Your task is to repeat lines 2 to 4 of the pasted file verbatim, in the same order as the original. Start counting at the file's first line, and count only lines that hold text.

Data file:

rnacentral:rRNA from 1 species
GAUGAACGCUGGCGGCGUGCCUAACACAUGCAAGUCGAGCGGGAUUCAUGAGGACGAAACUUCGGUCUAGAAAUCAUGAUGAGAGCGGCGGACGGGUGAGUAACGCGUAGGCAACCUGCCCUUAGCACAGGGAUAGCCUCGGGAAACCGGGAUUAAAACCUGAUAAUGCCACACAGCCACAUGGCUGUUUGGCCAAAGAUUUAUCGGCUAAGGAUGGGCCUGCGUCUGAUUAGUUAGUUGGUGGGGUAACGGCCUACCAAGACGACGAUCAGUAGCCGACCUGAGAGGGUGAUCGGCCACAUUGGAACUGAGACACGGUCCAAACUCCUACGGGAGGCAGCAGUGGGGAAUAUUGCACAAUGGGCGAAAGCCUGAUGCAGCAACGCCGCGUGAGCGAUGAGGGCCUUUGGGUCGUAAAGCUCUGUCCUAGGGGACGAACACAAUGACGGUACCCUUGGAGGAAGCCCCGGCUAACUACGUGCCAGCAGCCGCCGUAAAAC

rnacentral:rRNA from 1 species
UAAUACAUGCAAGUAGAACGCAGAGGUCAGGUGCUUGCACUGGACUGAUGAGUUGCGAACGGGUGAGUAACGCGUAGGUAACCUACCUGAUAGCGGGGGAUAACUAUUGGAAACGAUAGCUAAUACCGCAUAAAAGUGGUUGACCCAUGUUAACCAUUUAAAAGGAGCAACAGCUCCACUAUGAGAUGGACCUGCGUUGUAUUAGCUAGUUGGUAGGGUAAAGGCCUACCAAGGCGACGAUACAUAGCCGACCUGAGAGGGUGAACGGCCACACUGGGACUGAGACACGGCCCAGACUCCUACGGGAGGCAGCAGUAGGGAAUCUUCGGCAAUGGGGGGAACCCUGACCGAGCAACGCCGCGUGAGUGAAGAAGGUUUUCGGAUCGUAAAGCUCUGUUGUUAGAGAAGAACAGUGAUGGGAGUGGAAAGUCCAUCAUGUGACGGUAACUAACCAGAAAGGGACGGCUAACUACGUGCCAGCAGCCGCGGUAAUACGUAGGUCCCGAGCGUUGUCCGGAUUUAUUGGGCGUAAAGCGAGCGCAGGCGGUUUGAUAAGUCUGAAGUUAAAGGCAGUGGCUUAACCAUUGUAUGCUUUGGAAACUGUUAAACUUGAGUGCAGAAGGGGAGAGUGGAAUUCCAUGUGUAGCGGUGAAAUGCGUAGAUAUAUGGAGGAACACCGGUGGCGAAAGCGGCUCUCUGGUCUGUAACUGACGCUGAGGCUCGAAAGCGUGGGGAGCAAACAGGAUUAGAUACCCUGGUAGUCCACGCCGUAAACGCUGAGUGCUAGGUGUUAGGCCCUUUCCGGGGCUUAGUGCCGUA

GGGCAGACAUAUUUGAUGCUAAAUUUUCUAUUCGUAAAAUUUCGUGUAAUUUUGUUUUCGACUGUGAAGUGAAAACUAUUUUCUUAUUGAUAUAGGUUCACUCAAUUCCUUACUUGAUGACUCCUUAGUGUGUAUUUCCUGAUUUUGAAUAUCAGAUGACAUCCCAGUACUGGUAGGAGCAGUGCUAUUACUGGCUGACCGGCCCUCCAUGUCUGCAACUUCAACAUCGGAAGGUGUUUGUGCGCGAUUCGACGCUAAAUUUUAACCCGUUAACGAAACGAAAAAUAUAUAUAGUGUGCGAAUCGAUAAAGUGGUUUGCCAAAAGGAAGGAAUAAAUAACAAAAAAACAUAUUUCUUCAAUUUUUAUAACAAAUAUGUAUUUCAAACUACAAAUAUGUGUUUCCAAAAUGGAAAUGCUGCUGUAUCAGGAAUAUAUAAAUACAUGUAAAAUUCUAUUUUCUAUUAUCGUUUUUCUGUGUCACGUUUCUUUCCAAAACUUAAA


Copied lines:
GAUGAACGCUGGCGGCGUGCCUAACACAUGCAAGUCGAGCGGGAUUCAUGAGGACGAAACUUCGGUCUAGAAAUCAUGAUGAGAGCGGCGGACGGGUGAGUAACGCGUAGGCAACCUGCCCUUAGCACAGGGAUAGCCUCGGGAAACCGGGAUUAAAACCUGAUAAUGCCACACAGCCACAUGGCUGUUUGGCCAAAGAUUUAUCGGCUAAGGAUGGGCCUGCGUCUGAUUAGUUAGUUGGUGGGGUAACGGCCUACCAAGACGACGAUCAGUAGCCGACCUGAGAGGGUGAUCGGCCACAUUGGAACUGAGACACGGUCCAAACUCCUACGGGAGGCAGCAGUGGGGAAUAUUGCACAAUGGGCGAAAGCCUGAUGCAGCAACGCCGCGUGAGCGAUGAGGGCCUUUGGGUCGUAAAGCUCUGUCCUAGGGGACGAACACAAUGACGGUACCCUUGGAGGAAGCCCCGGCUAACUACGUGCCAGCAGCCGCCGUAAAAC

rnacentral:rRNA from 1 species
UAAUACAUGCAAGUAGAACGCAGAGGUCAGGUGCUUGCACUGGACUGAUGAGUUGCGAACGGGUGAGUAACGCGUAGGUAACCUACCUGAUAGCGGGGGAUAACUAUUGGAAACGAUAGCUAAUACCGCAUAAAAGUGGUUGACCCAUGUUAACCAUUUAAAAGGAGCAACAGCUCCACUAUGAGAUGGACCUGCGUUGUAUUAGCUAGUUGGUAGGGUAAAGGCCUACCAAGGCGACGAUACAUAGCCGACCUGAGAGGGUGAACGGCCACACUGGGACUGAGACACGGCCCAGACUCCUACGGGAGGCAGCAGUAGGGAAUCUUCGGCAAUGGGGGGAACCCUGACCGAGCAACGCCGCGUGAGUGAAGAAGGUUUUCGGAUCGUAAAGCUCUGUUGUUAGAGAAGAACAGUGAUGGGAGUGGAAAGUCCAUCAUGUGACGGUAACUAACCAGAAAGGGACGGCUAACUACGUGCCAGCAGCCGCGGUAAUACGUAGGUCCCGAGCGUUGUCCGGAUUUAUUGGGCGUAAAGCGAGCGCAGGCGGUUUGAUAAGUCUGAAGUUAAAGGCAGUGGCUUAACCAUUGUAUGCUUUGGAAACUGUUAAACUUGAGUGCAGAAGGGGAGAGUGGAAUUCCAUGUGUAGCGGUGAAAUGCGUAGAUAUAUGGAGGAACACCGGUGGCGAAAGCGGCUCUCUGGUCUGUAACUGACGCUGAGGCUCGAAAGCGUGGGGAGCAAACAGGAUUAGAUACCCUGGUAGUCCACGCCGUAAACGCUGAGUGCUAGGUGUUAGGCCCUUUCCGGGGCUUAGUGCCGUA